Stateless man receives official permission to return to United States
Mikhail Sebastian, who has been stuck in American Samoa since December of 2011, received good news yesterday from an asylum attorney working on this case, that he is allowed back into the U.S.
The 39-year old native of Azerbaijan, a republic of the former USSR, has been staying with a local family, who’s trying to help him along the way, but all efforts — humanitarian and political — had failed to convince the federal government to let him return to the U.S.
Sebastian picked up support of his case from overseas individuals - including Congressman Faleomavaega Eni and organizations such as the UN Refugee Agency (or UNHCR) and the Jewish/Turk Family Center urging the U.S Citizenship and Immigration Services (USCIS) as well as the U.S. Department of Homeland Security to allow re-entry for Sebastian. All efforts failed.
However, things are looking better for Sebastian, who was informed yesterday afternoon of the good news, via e-mail from Tammy Lin, an immigration attorney for the Pins Asylum Program at the San Diego-based Jewish/Turk Family Center.
Lin says she received an e-mail from the “USCIS officer adjudicating Mikhail’s case. Mikhail’s case has been approved!” She says she plans to contact Sebastian today “about the logistics of the travel authorization for Mikhail to return”, according to the email which was sent to others individuals supporting this case, including Sebastian, who forwarded the message to a handful of news organizations, including Samoa News.
Because it was already after hours in San Diego when Samoa News received this information, there was no additional information available from Lin at press time about this matter. A request for comments was left on her voice mail as well as an email message.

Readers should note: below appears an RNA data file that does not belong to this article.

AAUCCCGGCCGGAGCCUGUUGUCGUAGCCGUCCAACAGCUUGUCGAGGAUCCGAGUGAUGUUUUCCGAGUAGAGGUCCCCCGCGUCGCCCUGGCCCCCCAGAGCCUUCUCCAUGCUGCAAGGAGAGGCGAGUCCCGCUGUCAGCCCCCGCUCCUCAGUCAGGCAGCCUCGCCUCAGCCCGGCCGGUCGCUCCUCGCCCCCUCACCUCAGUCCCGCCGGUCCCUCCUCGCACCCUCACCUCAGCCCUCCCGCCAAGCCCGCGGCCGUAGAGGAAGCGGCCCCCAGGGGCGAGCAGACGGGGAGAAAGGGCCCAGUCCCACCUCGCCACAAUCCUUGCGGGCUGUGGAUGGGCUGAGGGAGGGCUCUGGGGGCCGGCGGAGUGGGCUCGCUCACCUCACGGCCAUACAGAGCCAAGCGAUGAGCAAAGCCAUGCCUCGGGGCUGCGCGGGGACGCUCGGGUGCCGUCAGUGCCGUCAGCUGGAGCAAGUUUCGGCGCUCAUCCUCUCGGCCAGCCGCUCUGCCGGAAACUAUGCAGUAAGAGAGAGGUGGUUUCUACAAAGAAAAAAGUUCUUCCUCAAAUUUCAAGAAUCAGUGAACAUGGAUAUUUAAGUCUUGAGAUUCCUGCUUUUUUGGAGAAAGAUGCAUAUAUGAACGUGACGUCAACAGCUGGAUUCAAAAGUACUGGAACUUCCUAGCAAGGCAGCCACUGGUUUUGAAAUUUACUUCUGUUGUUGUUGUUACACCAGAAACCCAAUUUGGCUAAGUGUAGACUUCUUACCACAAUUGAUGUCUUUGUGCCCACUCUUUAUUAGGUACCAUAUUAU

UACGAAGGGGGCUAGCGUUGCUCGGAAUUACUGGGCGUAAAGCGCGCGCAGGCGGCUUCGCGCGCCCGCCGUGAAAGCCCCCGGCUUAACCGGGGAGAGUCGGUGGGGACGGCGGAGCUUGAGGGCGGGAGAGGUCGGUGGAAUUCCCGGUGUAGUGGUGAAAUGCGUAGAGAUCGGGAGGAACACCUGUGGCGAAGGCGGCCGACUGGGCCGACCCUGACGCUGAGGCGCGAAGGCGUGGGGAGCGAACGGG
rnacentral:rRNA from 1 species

According to the Jewish/Turk Family Center, the group’s immigration lawyer “has been working with UNHCR and the American Samoa Government to get Sebastian humanitarian parole so he can return to his life in Los Angeles.”
“USCIS approved my case,” Sebastian told Samoa News when contacted for comments. He also said the approval means, he is now allowed to return back to Los Angeles where he has lived and worked for four years. Prior to that Sebastian resided in Texas for 12 years.
Sebastian said he is now waiting for travel documents in order to get a flight on Hawaiian Airlines back to Los Angeles and he has also sought ASG’s help in getting the airline to reinstate his expired ticket and waive all fees.
He said Hawaiian should waive any fees and penalties on the ticket, “because they are the ones who allowed me to board the flight” from Los Angeles.
Sebastian had told Samoa News last year that he “was misinformed” by Los Angeles immigration officials as well as Hawaiian Airlines regarding American Samoa, which “to my understanding now is not under the U.S. immigration law, but defined as part of the United States.”
His trip to Pago Pago in December 2011 was for a four-day holiday followed by a one-day trip to neighboring Samoa. But that holiday turned into a stay of more than a year in the territory, when he was denied boarding a Hawaiian flight out of Pago Pago on Jan. 2, 2012. This occurred after the federal government informed local authorities that Sebastian was not allowed back into the U.S.
As a stateless person, Sebastian traveled on a World Passport and he was also holding a valid California driver’s license as well as an employment authorization card issued by the federal Homeland Security Department.
According to UNHCR, stateless people in the U.S. cannot travel outside the country and must report to immigration authorities anywhere from once per week to once a year.
"I wish nobody would have to go through the same thing that I am going through," Sebastian was quoted in a media release by UNHCR last month as it urges the U.S. government to take further action to end the hardships facing stateless people in the United States.
“Being stateless he faces difficulties in returning to his home in the United States. His story illuminates the challenges that many stateless people in the U.S. face. Without a legal framework allowing them to apply for residency and eventually obtain citizenship, they live their lives in permanent limbo,” the statement says.